I remember the first time I had escarole. Having spent most of my younger life in small-town West Virginia and North Carolina, I'd met many vegetables, but nothing so exotic as this pleasantly bitter green with its thick leaves and gracefully frilled edges. My early culinary escapades in my grandmothers' kitchen were limited to experimenting with okra, blackberries and field peas. (The first time my grandmother added garlic to something, she exclaimed on how sophisticated she felt, a rogue chef dabbling in culinary exotica.)
So my first encounter with escarole -- with an Italian family who, thankfully, knew how to handle the sassy thing -- left me swooning. It was served in a traditional Italian wedding soup, a rich broth soup filled with tiny meatballs, bits of pasta and heroic quantities of garlic. I found reasons to be at that family's house near many a mealtime, and sampled escarole in all its clever incarnations: braised with garlic and olive oil, married with tender white beans and tomatoes in salad, tossed with orecchiette and spicy sausage in a fresh alternative to spaghetti and meatballs.
I now think escarole may well be the queen of greens. Its leaves are broad and confident, sturdy enough to stand up to a sauté, but tender enough to yield in a salad. From the same family as chicory, radicchio, endive and frisee, it's rich in vitamins and minerals, and the bitter flavor is said to move stuck liver Qi (or, in Western terms, help detox the liver -- probably something most of us need right about now). Try it both raw and cooked, paired with beans, fish and eggs, and perhaps the whisper of a salty, assertive cheese.
Grilled Bitter Greens with Soft-Poached Eggs
1 large head of escarole
3 tablespoons olive oil
3 garlic cloves, pressed in a garlic press
1/2 teaspoon black pepper
1/4 teaspoon salt
Pinch cayenne pepper
4 to 8 large eggs (1 or 2 eggs per person)
1/2 cup shaved Pecorino-Romano (optional)
1. Pre-heat grill or grill pan to medium-high.
2. Cut escarole head into quarters lengthwise, cutting through the core, but leaving core attached to the leaves.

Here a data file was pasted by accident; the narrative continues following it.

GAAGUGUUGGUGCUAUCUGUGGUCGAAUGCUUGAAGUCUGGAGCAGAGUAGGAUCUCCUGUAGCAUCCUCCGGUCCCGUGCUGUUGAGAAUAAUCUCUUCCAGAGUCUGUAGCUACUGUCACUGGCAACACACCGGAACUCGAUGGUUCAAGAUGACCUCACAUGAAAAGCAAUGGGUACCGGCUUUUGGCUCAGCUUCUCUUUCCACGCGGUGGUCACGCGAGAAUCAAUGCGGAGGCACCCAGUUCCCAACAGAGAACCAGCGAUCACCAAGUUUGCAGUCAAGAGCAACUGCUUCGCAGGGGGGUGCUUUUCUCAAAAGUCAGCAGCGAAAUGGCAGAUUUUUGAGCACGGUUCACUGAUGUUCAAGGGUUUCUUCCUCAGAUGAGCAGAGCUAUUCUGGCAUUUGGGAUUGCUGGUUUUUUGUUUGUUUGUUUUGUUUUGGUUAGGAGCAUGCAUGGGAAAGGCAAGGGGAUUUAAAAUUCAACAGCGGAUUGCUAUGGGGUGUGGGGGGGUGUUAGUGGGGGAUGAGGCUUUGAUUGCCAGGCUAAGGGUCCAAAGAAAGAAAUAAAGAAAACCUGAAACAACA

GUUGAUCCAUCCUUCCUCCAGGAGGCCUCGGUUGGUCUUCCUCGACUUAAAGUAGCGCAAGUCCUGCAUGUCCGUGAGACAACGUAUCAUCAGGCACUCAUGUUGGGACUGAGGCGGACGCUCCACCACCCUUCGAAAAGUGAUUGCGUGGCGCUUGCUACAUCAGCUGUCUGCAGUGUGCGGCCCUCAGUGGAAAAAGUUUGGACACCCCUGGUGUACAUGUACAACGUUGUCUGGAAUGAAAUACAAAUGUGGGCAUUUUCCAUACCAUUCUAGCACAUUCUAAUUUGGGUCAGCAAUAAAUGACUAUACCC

3. In a small bowl, combine olive oil with garlic, pepper, salt and cayenne, if desired. Lightly coat outsides of escarole with oil mixture. Grill, turning once or twice, until greens are wilted and grill marks appear, 7 or 8 minutes.
4. While greens are cooking, bring 4 inches of water and 1 tablespoon vinegar to a low simmer. Crack one egg into a cup and gently pour the egg into the water. Repeat with remaining eggs, being careful not to crowd pan, and poach at a bare simmer until just set, about 3 minutes. Remove with a slotted spoon to paper towels to drain.
5. To serve, arrange one segment of escarole on each plate and fan out slightly. Place two eggs on top of greens. Sprinkle eggs liberally with pepper and lightly with salt. Scatter cheese (if using) over greens, and serve hot, with bread of your choice.
Slow-Cooker White Bean and Escarole Soup
1/2 pound dried white cannelini beans, soaked overnight in water to cover
1 small yellow onion, chopped
4 garlic cloves, chopped
2 large bay leaves
2 large sprigs of thyme
8 cups high-quality or homemade chicken stock
Two 2x2 inch parmesan rinds (optional)
4 carrots, diced
1/2 large head escarole, chopped into bite-sized pieces
Additional olive oil for serving
Sherry vinegar for serving.
1. Drain and rinse beans. Combine in a 4- to 6-quart slow cooker with onion, garlic, bay leaves, thyme, stock and parmesan rinds, if using. Stir to mix. Cover and cook on low for 4 to 5 hours, until beans are tender. Be careful not to overcook beans; they should be tender, but not mushy.
2. About 30 minutes before serving, remove and discard thyme and bay leaf. Add carrots and escarole, cover and cook for 30 minutes longer. Season to taste with salt and black pepper.
3. To serve, divide between individual bowls. Drizzle with additional olive oil and sherry vinegar, if desired, and serve hot.
Escarole, Grapefruit and Pomegranate Salad with Grapefruit-Basil Vinaigrette
1 large pink grapefruit
3 to 4 tablespoons grapeseed oil
3 tablespoons raspberry preserves
1 small head escarole, chopped
1/2 cup pomegranate seeds
1. Zest outside of grapefruit to make 1 teaspoon of zest; set zest aside. Using a very sharp knife, peel skin from grapefruit, removing all the white pith. Holding the grapefruit over a large bowl, cut between the membranes to remove sections. Reserve sections. Squeeze the remaining membranes to extract 2 tablespoons of juice into a small bowl.
2. Add zest, raspberry preserves and grapeseed oil to the juice, and whisk to mix. Whisk in basil. Season with salt and pepper, and set aside.
3. Combine escarole with grapefruit segments in a large bowl, and toss gently to mix. Drizzle with just enough dressing to lightly coat leaves and toss to coat. Divide between four individual salad plates, sprinkle with pomegranate seeds, and serve immediately.
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